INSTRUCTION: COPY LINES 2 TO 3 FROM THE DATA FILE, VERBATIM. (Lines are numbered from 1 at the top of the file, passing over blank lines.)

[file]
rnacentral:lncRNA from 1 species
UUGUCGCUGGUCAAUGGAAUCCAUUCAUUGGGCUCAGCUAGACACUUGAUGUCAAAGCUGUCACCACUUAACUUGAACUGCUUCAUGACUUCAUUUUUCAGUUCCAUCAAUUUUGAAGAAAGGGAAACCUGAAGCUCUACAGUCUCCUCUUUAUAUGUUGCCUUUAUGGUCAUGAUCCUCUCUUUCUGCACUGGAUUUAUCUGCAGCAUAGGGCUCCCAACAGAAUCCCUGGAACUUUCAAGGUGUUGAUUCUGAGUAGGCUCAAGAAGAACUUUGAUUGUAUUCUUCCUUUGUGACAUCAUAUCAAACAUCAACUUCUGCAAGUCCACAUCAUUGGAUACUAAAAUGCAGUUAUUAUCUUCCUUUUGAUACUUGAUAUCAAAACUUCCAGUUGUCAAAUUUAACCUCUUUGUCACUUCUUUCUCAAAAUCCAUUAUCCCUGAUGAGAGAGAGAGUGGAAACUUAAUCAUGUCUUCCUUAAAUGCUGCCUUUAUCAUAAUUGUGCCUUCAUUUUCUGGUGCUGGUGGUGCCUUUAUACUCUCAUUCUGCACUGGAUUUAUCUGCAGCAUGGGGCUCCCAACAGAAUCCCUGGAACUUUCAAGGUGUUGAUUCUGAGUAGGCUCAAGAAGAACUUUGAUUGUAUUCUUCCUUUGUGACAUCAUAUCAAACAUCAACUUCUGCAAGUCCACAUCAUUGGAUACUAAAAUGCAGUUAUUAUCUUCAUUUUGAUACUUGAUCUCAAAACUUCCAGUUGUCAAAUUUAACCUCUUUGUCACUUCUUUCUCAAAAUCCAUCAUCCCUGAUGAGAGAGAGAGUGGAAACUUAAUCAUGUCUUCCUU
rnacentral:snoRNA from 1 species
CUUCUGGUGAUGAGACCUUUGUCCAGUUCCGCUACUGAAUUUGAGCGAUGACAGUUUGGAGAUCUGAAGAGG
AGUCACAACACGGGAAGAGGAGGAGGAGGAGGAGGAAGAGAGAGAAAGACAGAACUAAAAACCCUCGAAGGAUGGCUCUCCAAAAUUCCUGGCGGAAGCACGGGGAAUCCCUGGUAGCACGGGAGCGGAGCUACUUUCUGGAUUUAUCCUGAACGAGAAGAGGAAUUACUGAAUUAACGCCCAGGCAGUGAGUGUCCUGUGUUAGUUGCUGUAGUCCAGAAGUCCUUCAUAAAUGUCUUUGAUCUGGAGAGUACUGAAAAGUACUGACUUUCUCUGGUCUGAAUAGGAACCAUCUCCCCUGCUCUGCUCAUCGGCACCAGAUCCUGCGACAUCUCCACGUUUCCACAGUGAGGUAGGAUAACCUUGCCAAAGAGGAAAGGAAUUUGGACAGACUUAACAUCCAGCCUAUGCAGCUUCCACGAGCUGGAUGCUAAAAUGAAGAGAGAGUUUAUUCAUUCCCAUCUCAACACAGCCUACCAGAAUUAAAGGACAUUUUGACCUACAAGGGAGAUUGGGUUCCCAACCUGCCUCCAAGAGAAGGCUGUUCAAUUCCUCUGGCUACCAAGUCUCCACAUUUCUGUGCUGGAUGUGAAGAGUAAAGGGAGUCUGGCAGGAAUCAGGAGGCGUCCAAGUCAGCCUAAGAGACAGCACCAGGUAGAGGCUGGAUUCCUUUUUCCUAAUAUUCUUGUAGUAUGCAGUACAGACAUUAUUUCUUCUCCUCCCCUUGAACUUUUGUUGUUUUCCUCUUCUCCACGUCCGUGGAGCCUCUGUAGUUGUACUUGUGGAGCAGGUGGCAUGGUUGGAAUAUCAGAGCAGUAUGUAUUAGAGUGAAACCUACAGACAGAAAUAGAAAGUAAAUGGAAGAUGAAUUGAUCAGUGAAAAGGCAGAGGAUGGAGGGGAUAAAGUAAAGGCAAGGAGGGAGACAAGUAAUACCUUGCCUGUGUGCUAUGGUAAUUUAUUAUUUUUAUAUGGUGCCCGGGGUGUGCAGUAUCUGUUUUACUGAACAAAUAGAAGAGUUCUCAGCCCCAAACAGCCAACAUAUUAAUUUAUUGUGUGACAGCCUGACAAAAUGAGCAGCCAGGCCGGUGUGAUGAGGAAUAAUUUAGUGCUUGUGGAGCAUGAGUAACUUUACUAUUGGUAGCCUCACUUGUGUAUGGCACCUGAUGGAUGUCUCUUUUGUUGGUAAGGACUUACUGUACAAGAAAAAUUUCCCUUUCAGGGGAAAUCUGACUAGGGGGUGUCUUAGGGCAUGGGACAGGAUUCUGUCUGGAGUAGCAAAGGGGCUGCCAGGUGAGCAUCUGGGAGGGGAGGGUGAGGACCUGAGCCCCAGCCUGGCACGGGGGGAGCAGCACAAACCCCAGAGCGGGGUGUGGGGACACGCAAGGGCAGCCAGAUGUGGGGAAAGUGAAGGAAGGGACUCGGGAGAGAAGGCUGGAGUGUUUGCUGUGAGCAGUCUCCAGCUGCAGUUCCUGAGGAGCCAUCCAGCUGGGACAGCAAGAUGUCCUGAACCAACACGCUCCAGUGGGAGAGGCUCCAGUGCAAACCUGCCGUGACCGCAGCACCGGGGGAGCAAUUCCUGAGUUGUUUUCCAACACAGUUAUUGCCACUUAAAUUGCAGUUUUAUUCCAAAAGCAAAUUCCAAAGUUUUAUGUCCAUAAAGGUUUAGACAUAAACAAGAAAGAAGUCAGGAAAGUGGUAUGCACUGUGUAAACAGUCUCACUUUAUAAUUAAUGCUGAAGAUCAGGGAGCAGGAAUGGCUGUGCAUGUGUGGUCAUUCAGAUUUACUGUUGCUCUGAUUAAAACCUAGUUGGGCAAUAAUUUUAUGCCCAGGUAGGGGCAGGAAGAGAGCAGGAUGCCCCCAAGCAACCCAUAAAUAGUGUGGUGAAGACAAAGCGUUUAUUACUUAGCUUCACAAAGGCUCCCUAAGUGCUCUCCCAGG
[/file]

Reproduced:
UUGUCGCUGGUCAAUGGAAUCCAUUCAUUGGGCUCAGCUAGACACUUGAUGUCAAAGCUGUCACCACUUAACUUGAACUGCUUCAUGACUUCAUUUUUCAGUUCCAUCAAUUUUGAAGAAAGGGAAACCUGAAGCUCUACAGUCUCCUCUUUAUAUGUUGCCUUUAUGGUCAUGAUCCUCUCUUUCUGCACUGGAUUUAUCUGCAGCAUAGGGCUCCCAACAGAAUCCCUGGAACUUUCAAGGUGUUGAUUCUGAGUAGGCUCAAGAAGAACUUUGAUUGUAUUCUUCCUUUGUGACAUCAUAUCAAACAUCAACUUCUGCAAGUCCACAUCAUUGGAUACUAAAAUGCAGUUAUUAUCUUCCUUUUGAUACUUGAUAUCAAAACUUCCAGUUGUCAAAUUUAACCUCUUUGUCACUUCUUUCUCAAAAUCCAUUAUCCCUGAUGAGAGAGAGAGUGGAAACUUAAUCAUGUCUUCCUUAAAUGCUGCCUUUAUCAUAAUUGUGCCUUCAUUUUCUGGUGCUGGUGGUGCCUUUAUACUCUCAUUCUGCACUGGAUUUAUCUGCAGCAUGGGGCUCCCAACAGAAUCCCUGGAACUUUCAAGGUGUUGAUUCUGAGUAGGCUCAAGAAGAACUUUGAUUGUAUUCUUCCUUUGUGACAUCAUAUCAAACAUCAACUUCUGCAAGUCCACAUCAUUGGAUACUAAAAUGCAGUUAUUAUCUUCAUUUUGAUACUUGAUCUCAAAACUUCCAGUUGUCAAAUUUAACCUCUUUGUCACUUCUUUCUCAAAAUCCAUCAUCCCUGAUGAGAGAGAGAGUGGAAACUUAAUCAUGUCUUCCUU
rnacentral:snoRNA from 1 species